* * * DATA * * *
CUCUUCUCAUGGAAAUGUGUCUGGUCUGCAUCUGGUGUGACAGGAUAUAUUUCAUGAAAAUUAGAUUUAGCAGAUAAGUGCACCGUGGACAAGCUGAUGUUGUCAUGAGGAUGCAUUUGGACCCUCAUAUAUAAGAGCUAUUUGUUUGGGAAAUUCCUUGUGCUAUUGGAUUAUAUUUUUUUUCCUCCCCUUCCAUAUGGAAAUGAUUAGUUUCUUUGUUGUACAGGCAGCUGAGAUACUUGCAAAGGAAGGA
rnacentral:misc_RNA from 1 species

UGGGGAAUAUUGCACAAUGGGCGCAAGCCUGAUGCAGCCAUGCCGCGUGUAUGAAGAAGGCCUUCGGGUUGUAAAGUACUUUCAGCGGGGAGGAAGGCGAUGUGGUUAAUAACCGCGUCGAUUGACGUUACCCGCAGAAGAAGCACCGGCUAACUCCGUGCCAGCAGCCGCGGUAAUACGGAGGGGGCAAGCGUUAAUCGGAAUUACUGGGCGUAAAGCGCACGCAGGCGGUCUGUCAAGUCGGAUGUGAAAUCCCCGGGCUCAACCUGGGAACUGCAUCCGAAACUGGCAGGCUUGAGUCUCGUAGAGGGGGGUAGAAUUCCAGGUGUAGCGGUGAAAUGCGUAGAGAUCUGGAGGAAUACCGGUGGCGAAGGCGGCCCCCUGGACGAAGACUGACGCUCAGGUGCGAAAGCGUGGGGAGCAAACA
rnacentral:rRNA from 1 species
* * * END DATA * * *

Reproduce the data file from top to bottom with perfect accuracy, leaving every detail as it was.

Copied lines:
CUCUUCUCAUGGAAAUGUGUCUGGUCUGCAUCUGGUGUGACAGGAUAUAUUUCAUGAAAAUUAGAUUUAGCAGAUAAGUGCACCGUGGACAAGCUGAUGUUGUCAUGAGGAUGCAUUUGGACCCUCAUAUAUAAGAGCUAUUUGUUUGGGAAAUUCCUUGUGCUAUUGGAUUAUAUUUUUUUUCCUCCCCUUCCAUAUGGAAAUGAUUAGUUUCUUUGUUGUACAGGCAGCUGAGAUACUUGCAAAGGAAGGA
rnacentral:misc_RNA from 1 species

UGGGGAAUAUUGCACAAUGGGCGCAAGCCUGAUGCAGCCAUGCCGCGUGUAUGAAGAAGGCCUUCGGGUUGUAAAGUACUUUCAGCGGGGAGGAAGGCGAUGUGGUUAAUAACCGCGUCGAUUGACGUUACCCGCAGAAGAAGCACCGGCUAACUCCGUGCCAGCAGCCGCGGUAAUACGGAGGGGGCAAGCGUUAAUCGGAAUUACUGGGCGUAAAGCGCACGCAGGCGGUCUGUCAAGUCGGAUGUGAAAUCCCCGGGCUCAACCUGGGAACUGCAUCCGAAACUGGCAGGCUUGAGUCUCGUAGAGGGGGGUAGAAUUCCAGGUGUAGCGGUGAAAUGCGUAGAGAUCUGGAGGAAUACCGGUGGCGAAGGCGGCCCCCUGGACGAAGACUGACGCUCAGGUGCGAAAGCGUGGGGAGCAAACA
rnacentral:rRNA from 1 species